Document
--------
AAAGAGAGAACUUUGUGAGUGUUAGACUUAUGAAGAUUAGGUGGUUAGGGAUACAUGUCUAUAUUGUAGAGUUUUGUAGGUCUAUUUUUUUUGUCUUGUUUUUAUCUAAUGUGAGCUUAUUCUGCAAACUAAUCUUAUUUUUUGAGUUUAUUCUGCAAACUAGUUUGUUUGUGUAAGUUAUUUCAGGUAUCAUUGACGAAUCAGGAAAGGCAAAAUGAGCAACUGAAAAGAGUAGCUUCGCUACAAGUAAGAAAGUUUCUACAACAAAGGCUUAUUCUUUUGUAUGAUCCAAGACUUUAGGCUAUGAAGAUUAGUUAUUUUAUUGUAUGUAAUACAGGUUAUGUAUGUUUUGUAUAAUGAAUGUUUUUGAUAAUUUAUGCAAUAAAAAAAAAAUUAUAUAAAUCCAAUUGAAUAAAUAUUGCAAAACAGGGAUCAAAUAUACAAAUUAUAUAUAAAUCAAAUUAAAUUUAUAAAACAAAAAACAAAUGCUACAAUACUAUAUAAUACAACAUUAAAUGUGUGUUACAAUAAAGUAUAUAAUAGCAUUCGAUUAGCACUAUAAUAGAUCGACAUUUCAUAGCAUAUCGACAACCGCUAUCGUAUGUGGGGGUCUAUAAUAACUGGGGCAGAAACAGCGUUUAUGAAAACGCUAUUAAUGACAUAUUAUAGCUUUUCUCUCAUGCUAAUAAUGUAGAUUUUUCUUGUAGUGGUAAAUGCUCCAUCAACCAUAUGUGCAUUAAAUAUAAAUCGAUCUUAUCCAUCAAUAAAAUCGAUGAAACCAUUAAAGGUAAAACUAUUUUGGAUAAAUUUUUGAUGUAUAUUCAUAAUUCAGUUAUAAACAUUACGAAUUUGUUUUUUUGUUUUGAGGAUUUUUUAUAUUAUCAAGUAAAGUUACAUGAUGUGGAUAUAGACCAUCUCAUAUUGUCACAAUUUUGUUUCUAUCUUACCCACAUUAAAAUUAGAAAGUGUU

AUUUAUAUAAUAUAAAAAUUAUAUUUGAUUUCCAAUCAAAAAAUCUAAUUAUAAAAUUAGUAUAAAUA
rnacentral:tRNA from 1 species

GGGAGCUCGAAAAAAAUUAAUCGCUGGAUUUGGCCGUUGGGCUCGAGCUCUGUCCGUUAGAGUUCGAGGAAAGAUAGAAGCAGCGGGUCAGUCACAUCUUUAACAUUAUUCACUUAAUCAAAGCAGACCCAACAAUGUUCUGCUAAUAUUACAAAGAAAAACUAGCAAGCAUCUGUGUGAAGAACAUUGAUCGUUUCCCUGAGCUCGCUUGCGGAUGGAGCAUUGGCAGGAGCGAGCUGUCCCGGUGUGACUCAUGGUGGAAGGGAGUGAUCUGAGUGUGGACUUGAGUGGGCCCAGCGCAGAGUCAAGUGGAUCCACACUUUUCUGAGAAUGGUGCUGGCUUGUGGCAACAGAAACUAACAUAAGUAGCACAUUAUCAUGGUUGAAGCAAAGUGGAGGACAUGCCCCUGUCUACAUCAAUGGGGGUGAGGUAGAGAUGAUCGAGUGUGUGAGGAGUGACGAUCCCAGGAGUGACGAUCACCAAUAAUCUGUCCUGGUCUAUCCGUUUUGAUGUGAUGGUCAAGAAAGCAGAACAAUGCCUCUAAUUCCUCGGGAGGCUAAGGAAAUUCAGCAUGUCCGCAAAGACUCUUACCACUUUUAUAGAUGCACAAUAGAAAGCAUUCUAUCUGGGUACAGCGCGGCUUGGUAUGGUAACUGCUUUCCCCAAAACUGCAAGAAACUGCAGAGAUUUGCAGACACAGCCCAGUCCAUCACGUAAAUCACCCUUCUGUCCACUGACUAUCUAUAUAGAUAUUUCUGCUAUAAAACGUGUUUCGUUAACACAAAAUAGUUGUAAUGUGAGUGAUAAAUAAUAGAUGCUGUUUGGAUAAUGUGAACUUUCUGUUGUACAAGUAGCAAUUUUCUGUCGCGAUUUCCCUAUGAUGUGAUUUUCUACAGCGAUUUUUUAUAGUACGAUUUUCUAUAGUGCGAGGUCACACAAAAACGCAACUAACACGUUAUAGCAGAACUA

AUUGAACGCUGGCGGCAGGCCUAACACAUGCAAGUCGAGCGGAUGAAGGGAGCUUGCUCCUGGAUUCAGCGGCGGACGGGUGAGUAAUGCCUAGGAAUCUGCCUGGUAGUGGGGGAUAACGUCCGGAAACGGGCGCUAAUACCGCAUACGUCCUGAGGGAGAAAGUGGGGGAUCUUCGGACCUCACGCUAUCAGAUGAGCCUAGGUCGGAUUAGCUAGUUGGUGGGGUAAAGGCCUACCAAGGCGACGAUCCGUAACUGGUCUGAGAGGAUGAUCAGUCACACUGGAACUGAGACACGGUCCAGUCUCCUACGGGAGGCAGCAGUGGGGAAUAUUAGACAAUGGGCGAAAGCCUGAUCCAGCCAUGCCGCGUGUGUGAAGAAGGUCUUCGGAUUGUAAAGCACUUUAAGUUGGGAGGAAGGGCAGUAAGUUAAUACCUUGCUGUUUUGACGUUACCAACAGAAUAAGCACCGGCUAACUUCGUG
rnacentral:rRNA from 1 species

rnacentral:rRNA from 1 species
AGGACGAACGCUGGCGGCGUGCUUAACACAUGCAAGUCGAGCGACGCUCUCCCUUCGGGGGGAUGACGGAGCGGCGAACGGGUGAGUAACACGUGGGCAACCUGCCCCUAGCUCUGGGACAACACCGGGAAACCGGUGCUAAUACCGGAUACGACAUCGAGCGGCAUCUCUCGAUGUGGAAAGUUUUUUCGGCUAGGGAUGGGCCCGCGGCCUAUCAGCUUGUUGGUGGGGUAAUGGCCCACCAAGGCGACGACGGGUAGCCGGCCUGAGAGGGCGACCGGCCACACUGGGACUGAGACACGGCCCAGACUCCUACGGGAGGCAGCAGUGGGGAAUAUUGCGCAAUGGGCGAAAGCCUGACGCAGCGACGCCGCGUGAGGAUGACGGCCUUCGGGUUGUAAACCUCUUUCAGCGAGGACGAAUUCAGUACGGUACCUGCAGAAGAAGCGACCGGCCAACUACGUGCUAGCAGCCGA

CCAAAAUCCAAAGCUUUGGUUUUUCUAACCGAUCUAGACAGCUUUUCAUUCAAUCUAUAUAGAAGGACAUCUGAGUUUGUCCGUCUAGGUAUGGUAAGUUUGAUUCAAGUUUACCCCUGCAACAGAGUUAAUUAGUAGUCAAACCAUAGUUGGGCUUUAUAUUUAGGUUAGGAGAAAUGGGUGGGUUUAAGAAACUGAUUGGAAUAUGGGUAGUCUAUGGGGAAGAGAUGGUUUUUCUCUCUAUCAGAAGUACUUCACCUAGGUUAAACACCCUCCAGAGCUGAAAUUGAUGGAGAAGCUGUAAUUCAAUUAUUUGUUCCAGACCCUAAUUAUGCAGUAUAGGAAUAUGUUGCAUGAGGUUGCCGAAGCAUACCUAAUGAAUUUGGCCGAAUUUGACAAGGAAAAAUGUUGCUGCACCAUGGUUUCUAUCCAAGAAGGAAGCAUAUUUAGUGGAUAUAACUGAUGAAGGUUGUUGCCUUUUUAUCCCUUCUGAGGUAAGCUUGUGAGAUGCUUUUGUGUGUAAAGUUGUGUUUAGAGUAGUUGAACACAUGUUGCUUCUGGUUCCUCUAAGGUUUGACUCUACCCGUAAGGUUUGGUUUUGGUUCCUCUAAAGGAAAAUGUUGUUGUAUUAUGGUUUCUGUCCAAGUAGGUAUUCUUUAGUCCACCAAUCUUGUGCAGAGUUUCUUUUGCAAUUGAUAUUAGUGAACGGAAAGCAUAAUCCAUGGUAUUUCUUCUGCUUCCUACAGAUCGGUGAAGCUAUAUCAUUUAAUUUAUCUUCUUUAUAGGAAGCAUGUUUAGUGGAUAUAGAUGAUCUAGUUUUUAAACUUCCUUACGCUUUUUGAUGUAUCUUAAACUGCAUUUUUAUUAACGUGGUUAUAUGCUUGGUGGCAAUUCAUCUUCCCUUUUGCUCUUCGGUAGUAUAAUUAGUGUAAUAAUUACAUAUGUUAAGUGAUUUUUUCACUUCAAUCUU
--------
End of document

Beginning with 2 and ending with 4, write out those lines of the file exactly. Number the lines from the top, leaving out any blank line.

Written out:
AUUUAUAUAAUAUAAAAAUUAUAUUUGAUUUCCAAUCAAAAAAUCUAAUUAUAAAAUUAGUAUAAAUA
rnacentral:tRNA from 1 species

GGGAGCUCGAAAAAAAUUAAUCGCUGGAUUUGGCCGUUGGGCUCGAGCUCUGUCCGUUAGAGUUCGAGGAAAGAUAGAAGCAGCGGGUCAGUCACAUCUUUAACAUUAUUCACUUAAUCAAAGCAGACCCAACAAUGUUCUGCUAAUAUUACAAAGAAAAACUAGCAAGCAUCUGUGUGAAGAACAUUGAUCGUUUCCCUGAGCUCGCUUGCGGAUGGAGCAUUGGCAGGAGCGAGCUGUCCCGGUGUGACUCAUGGUGGAAGGGAGUGAUCUGAGUGUGGACUUGAGUGGGCCCAGCGCAGAGUCAAGUGGAUCCACACUUUUCUGAGAAUGGUGCUGGCUUGUGGCAACAGAAACUAACAUAAGUAGCACAUUAUCAUGGUUGAAGCAAAGUGGAGGACAUGCCCCUGUCUACAUCAAUGGGGGUGAGGUAGAGAUGAUCGAGUGUGUGAGGAGUGACGAUCCCAGGAGUGACGAUCACCAAUAAUCUGUCCUGGUCUAUCCGUUUUGAUGUGAUGGUCAAGAAAGCAGAACAAUGCCUCUAAUUCCUCGGGAGGCUAAGGAAAUUCAGCAUGUCCGCAAAGACUCUUACCACUUUUAUAGAUGCACAAUAGAAAGCAUUCUAUCUGGGUACAGCGCGGCUUGGUAUGGUAACUGCUUUCCCCAAAACUGCAAGAAACUGCAGAGAUUUGCAGACACAGCCCAGUCCAUCACGUAAAUCACCCUUCUGUCCACUGACUAUCUAUAUAGAUAUUUCUGCUAUAAAACGUGUUUCGUUAACACAAAAUAGUUGUAAUGUGAGUGAUAAAUAAUAGAUGCUGUUUGGAUAAUGUGAACUUUCUGUUGUACAAGUAGCAAUUUUCUGUCGCGAUUUCCCUAUGAUGUGAUUUUCUACAGCGAUUUUUUAUAGUACGAUUUUCUAUAGUGCGAGGUCACACAAAAACGCAACUAACACGUUAUAGCAGAACUA